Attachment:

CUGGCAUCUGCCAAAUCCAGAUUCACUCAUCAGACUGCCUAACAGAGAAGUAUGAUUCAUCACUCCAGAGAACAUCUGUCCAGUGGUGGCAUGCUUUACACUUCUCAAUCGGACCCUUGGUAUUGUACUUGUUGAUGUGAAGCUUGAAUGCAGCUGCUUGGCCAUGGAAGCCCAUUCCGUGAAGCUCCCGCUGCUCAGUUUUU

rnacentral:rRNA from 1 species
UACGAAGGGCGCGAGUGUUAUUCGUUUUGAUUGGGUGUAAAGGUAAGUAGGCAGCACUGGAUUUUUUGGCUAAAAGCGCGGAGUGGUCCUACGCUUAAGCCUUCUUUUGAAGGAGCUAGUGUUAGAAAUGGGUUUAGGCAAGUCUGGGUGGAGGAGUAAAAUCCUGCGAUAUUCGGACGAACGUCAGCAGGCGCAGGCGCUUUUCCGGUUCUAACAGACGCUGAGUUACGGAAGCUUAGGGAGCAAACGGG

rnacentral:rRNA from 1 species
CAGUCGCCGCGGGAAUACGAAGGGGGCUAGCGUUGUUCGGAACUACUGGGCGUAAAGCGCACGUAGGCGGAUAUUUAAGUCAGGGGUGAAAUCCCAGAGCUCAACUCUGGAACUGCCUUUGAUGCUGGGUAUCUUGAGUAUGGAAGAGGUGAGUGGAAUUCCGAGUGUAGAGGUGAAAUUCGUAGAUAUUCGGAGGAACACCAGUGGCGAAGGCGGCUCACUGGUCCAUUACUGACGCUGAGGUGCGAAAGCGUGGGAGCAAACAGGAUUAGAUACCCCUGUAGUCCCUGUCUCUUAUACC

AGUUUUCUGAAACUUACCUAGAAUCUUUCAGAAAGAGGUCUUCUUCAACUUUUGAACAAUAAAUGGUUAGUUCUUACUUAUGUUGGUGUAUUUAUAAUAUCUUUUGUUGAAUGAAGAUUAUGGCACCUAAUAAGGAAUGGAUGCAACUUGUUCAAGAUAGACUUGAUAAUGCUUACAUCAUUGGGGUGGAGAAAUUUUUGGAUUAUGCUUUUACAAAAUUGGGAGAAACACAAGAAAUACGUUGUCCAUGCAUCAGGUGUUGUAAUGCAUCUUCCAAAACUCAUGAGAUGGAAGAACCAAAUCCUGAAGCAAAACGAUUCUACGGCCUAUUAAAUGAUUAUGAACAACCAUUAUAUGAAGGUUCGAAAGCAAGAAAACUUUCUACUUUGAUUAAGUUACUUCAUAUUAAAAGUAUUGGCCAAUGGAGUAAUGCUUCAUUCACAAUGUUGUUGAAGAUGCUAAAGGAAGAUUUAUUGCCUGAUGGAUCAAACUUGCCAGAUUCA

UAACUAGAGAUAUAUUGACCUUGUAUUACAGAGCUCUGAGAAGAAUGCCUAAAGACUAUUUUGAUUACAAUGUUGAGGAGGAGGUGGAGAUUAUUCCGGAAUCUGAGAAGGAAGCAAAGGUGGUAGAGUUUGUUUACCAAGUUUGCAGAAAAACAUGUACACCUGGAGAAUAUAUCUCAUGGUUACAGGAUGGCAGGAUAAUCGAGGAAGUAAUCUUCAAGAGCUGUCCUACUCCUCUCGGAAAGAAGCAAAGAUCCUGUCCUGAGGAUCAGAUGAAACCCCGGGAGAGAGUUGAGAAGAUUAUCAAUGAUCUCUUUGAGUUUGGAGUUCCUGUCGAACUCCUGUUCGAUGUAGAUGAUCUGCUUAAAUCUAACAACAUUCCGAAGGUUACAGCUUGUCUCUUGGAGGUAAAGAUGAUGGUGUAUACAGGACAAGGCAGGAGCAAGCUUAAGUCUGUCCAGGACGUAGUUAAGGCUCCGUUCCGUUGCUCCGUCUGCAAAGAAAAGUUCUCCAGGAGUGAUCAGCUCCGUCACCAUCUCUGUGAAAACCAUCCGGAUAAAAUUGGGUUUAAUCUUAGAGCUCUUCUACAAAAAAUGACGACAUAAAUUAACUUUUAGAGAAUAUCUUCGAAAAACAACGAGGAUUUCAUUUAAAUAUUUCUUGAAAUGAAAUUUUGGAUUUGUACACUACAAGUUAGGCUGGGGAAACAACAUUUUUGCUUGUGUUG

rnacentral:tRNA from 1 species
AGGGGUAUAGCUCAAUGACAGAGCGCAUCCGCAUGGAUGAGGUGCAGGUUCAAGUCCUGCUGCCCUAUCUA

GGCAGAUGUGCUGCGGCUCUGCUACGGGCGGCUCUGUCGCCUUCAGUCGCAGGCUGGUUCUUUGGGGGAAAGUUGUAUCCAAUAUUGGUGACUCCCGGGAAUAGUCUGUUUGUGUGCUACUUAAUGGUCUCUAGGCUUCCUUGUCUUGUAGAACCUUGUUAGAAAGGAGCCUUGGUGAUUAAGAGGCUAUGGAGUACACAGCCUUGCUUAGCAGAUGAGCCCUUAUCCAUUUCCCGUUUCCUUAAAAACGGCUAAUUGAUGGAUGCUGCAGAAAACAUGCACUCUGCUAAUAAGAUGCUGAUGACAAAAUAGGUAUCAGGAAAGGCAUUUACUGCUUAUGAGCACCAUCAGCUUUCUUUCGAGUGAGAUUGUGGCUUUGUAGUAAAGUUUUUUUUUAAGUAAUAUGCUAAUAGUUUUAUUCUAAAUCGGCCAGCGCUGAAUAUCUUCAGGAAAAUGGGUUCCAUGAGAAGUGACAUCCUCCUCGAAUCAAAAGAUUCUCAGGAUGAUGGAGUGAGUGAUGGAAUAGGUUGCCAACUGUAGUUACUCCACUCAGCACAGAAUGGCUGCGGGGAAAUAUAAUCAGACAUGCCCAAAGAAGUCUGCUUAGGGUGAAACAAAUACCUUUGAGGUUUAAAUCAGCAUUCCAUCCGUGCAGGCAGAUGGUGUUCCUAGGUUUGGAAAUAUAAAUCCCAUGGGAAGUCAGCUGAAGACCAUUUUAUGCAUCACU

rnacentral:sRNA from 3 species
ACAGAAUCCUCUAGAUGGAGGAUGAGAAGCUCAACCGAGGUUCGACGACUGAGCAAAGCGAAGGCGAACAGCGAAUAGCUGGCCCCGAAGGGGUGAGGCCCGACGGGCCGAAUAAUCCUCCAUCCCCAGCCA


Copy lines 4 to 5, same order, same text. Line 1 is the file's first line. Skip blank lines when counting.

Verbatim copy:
rnacentral:rRNA from 1 species
CAGUCGCCGCGGGAAUACGAAGGGGGCUAGCGUUGUUCGGAACUACUGGGCGUAAAGCGCACGUAGGCGGAUAUUUAAGUCAGGGGUGAAAUCCCAGAGCUCAACUCUGGAACUGCCUUUGAUGCUGGGUAUCUUGAGUAUGGAAGAGGUGAGUGGAAUUCCGAGUGUAGAGGUGAAAUUCGUAGAUAUUCGGAGGAACACCAGUGGCGAAGGCGGCUCACUGGUCCAUUACUGACGCUGAGGUGCGAAAGCGUGGGAGCAAACAGGAUUAGAUACCCCUGUAGUCCCUGUCUCUUAUACC